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The Merchant from Sepharad
Embroiled in the tumult of the twelfth century’s commercial revolution, Joshua ben Elazar, the scion of an illustrious trading dynasty, is torn between the dictates of his faith and his quest for wealth and love. The merchant from Sepharad, the third book in the series beginning with The Sugar Merchant, is a tale of religious persecution and deadly conflict. Joshua’s first commercial venture in Muslim-ruled Portugal ends in disaster when he is cheated by corrupt officials. Failing as a merchant, he journeys to Cordoba where he establishes a new life as a Talmudic scholar. As an accomplice to the murder of a spy, however, he is forced to flee for his life. Joshua is granted one last opportunity for redemption. He must establish a new trade route to the vast riches of India. Joshua’s world is changing quickly and he must do everything in his power to succeed amidst the chaos. On his journey, he faces new challenges and discovers his true faith.
The third in Hutson-Wiley’s Sugar Merchant series of richly textured stories of commerce in Europe and the Middle East amid the religious conflicts of the High Middle Ages, The Merchant from Sepharad tells the tale of Joshua ben Elazar, the son of a Jewish merchant, as he strives to create a life for himself, impress his father, and honor his faith and his love in the face of oppression. Joshua’s forays into business find him traveling to the Iberian Peninsula, then known as al-Andalus, and to the great city we now know as Lisbon, then ruled by the Al-Murabit Emirate of Qurtuba. There Joshua’s quickly cheated out of his money, but he finds protection with Rabbi Al-Daudi, who offers welcome instruction—“Our strength and survival depend upon our unity.”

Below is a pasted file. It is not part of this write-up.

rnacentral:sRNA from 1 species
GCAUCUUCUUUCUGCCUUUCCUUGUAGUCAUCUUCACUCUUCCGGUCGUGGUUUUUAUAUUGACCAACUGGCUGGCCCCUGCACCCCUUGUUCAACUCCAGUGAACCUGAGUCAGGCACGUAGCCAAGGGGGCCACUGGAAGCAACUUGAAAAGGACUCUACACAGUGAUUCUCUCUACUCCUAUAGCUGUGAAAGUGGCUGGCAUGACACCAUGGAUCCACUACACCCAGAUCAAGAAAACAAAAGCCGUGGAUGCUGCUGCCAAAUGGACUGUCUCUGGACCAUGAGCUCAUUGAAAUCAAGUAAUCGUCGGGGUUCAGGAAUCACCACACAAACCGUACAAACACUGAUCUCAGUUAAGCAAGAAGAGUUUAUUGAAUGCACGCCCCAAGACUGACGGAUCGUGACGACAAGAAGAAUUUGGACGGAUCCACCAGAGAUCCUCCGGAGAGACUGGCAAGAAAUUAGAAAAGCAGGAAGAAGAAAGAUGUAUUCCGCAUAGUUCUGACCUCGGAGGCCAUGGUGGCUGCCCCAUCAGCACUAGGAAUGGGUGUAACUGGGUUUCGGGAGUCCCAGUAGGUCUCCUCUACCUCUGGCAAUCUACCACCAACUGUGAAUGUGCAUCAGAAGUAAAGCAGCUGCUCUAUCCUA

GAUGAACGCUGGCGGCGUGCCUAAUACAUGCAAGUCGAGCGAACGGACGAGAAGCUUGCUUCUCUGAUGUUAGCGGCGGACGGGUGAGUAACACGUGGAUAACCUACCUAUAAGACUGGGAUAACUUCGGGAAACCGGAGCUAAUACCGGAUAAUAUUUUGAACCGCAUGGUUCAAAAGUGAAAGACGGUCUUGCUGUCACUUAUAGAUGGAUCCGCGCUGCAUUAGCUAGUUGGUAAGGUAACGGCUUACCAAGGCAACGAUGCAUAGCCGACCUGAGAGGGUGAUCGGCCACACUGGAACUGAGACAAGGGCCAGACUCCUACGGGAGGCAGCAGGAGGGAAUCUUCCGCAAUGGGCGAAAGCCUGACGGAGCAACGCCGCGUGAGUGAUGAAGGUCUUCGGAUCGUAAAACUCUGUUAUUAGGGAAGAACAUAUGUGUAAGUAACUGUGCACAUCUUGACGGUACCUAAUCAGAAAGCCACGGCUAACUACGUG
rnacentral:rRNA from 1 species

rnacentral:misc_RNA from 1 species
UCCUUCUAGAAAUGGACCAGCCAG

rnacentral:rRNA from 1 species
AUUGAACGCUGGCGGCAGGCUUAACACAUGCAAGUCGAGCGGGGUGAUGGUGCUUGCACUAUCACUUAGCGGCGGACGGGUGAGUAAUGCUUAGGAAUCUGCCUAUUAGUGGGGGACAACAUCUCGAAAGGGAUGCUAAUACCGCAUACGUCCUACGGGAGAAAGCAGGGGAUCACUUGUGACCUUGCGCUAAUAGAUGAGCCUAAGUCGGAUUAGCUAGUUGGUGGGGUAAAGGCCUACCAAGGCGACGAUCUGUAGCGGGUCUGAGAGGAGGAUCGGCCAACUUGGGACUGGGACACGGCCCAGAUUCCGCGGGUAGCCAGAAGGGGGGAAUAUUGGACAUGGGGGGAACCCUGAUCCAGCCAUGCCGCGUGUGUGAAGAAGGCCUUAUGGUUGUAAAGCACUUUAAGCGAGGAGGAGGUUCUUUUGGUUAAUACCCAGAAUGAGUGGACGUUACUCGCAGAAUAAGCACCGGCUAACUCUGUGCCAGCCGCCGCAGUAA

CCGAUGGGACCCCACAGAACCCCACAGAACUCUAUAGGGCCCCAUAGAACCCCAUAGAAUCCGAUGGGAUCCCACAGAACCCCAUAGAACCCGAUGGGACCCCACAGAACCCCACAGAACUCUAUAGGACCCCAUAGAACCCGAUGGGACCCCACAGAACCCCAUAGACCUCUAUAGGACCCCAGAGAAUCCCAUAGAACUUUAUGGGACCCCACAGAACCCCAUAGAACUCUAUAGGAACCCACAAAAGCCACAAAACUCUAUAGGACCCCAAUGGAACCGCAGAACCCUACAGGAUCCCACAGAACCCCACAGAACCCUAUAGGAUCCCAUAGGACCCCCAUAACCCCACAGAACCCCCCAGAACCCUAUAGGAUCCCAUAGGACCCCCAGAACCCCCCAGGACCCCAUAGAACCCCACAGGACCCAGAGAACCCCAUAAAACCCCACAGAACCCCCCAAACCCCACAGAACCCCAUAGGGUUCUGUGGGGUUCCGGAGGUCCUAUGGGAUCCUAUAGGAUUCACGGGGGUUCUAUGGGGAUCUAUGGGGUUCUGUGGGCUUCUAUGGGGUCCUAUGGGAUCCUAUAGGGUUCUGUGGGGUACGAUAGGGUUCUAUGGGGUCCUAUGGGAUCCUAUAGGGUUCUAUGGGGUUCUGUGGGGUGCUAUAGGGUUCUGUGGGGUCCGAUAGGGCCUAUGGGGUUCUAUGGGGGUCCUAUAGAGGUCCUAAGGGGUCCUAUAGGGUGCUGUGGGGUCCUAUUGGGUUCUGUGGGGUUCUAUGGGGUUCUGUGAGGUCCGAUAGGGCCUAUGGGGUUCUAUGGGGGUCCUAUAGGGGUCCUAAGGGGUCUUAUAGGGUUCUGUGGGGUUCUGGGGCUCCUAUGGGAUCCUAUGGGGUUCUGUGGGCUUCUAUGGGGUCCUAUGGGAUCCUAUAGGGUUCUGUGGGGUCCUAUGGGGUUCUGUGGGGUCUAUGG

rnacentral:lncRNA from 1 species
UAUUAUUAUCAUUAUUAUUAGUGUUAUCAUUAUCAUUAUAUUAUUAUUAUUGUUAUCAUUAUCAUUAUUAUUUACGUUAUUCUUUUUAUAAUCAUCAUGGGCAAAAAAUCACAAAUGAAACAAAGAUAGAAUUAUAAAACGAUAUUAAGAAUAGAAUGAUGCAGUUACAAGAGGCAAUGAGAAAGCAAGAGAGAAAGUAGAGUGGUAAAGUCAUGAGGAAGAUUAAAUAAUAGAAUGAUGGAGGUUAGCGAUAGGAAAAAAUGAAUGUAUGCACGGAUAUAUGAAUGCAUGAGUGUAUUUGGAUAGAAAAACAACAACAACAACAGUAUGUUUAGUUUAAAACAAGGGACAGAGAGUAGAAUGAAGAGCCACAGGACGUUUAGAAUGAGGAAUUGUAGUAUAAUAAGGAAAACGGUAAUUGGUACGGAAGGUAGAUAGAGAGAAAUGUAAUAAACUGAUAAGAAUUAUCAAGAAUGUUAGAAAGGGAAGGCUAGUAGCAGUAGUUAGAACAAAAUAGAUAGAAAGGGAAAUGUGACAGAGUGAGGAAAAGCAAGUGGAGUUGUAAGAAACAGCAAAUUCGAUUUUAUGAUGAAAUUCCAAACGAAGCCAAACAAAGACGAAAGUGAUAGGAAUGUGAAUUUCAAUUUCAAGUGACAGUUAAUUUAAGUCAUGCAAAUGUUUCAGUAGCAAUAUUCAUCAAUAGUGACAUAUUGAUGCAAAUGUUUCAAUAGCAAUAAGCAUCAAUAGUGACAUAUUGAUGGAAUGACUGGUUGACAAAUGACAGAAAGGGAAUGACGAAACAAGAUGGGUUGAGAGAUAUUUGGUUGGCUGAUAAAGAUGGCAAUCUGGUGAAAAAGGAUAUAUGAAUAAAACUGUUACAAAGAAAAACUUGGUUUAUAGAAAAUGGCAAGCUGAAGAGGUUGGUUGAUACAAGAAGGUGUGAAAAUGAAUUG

Hutson-Wiley’s storytelling continues to the surprise, and the novel, like its protagonist, takes unexpected paths. After an impulsive act of revenge, Joshua must flee the city, and the rabbi sends him as a messenger to Portugal’s King Alfonso, telling him that the time to seize Lisbon is now. At the school run by Maimon Ben Joseph at Qurtuba, Joshua falls in love with Hannah, but marriage is forbidden as she belongs to the Karaite group of Jews. And, intent upon proving his skills as a merchant, takes on his most dangerous mission yet: establishing a new trade route to India.

Hutson-Wiley’s prose is straightforward and unadorned, often touched with a fable-like quality, especially as the novel reveals culture, characters, and the textures of life. Not all lives, though–apart from Hannah, and Sophia, William’s love interest, the tale is devoid of women. When the protagonist returns to his father’s house, will he not meet his mother? Still, Joshua’s journeys are compelling, and his inner conflicts—his philosophical confusions, his anger at discrimination he experiences, his innate good heartedness—make for immersive reading.

Takeaway: Absorbing tale of a Jewish merchant’s travels and dangers in the twelfth century.

Comparable Titles: Richard Zimler’s The Incandescent Threads, José Saramago’s The History of the Siege of Lisbon.

Production grades
Cover: B
Design and typography: A
Illustrations: N/A
Editing: A
Marketing copy: A